E-Commerce Website For London Local Hardware Store
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I employed User Experience Design principles to implement a concept design for an e-commerce website for a fictional hardware store as part of the UX Design Immersive course at General Assembly London.
Type: Solo Concept Design Project
Duration: 2 weeks
My Role: User research done as part of a team of 5 and completed the project as solo
Platform: E-commerce website
UX Tools: User Interviews | Competitive Analysis | Contextual Inquiry | User Persona | Card Sorting | Information Architecture | Experience Map | User Journey | User Flow | Pencil & Paper | Wireframing | Lo/Mid-Fi Prototyping | Usability Testing
Software Tools: Adobe Photoshop | Sketch | Craft | InVision | Keynote
Progress Hardware is a hardware store in the heart of Aldgate and it has been around since 1964.
They are proud of supporting their local community through their great services and knowledgeable staff.
Their brand personality is:
- Knowledgeable but not academic
- Friendly but not unprofessional
- Practical but not judging
- Consistent but not boring
- Proud but not arrogant
Design a new e-commerce website to showcase their products, while maintaining their brand image as well as keep their ‘small shop’ appeal and great customer service.
Progress Hardware’s main business requirements are:
- Have clear ways of locating specific products
- Support a single page for each product which can be linked to directly
- Have an efficient way of purchasing one or more products
- Steer customers toward popular products
- Establish the brand and its points of difference
- Allow customers to contact the business
(including to request a product not otherwise stocked)
My UX process follows an iterative path and can be represented in several different ways. Adaptability is key to the digital world that is constantly evolving and changing, and my objective is to deliver incremental value to a product or a service.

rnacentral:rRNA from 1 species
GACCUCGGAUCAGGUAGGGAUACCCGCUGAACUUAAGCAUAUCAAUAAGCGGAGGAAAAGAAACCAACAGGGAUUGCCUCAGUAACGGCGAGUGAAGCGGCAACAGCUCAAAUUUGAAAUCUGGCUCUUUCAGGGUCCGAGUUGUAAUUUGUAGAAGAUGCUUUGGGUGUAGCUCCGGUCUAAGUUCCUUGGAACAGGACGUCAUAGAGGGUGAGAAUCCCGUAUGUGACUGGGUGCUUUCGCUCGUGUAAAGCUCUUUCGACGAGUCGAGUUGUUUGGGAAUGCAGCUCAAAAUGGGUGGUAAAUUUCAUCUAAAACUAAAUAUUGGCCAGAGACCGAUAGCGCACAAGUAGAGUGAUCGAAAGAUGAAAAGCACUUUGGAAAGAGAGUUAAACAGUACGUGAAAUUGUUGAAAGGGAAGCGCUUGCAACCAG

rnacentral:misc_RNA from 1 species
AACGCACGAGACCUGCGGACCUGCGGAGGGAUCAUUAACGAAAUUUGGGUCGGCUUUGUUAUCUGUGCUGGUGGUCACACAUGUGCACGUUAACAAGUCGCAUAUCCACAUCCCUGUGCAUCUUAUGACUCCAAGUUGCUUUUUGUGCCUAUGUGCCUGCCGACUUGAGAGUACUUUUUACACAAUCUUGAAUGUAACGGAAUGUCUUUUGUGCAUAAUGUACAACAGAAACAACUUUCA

Phase 1 — Discovery
By observing clients at a similar store to Progress Hardware I gained some important insights about shoppers’ behaviour.
I also noticed how all the products were well organised, correctly labelled and frequently sold items were easily accessible.
- Staff were helpful and attentive
- All products were organised in a logical and intuitive way
- Most shoppers were locals
I personally conducted 3 user interviews and, with help from my fellow students we interviewed a total of 7 participants.
“I don’t want to go through a lot of screens before getting to the checkout”
“Sometimes it wasn’t clear how long the delivery would take”
“I bought some furniture for my bathroom and when I got it, everything was damaged”
“Amazon delivery is great. Next day delivery and so on… but a time-slot delivery would be very beneficial for me”
“If I buy online, I expect a clear navigation and an easy way to access the product. Also an easy way to pay”
“I also bought online, especially for power tools, as on Amazon they were cheaper than in shops”
By comparing 5 of the major online hardware stores I could gain insight on how they support their clientele.
- Sites that have good support for trades have poor help for retail customers
- Sites that provide reasonable support for retail clients offered little to trades and businesses
Phase 2 — Synthesise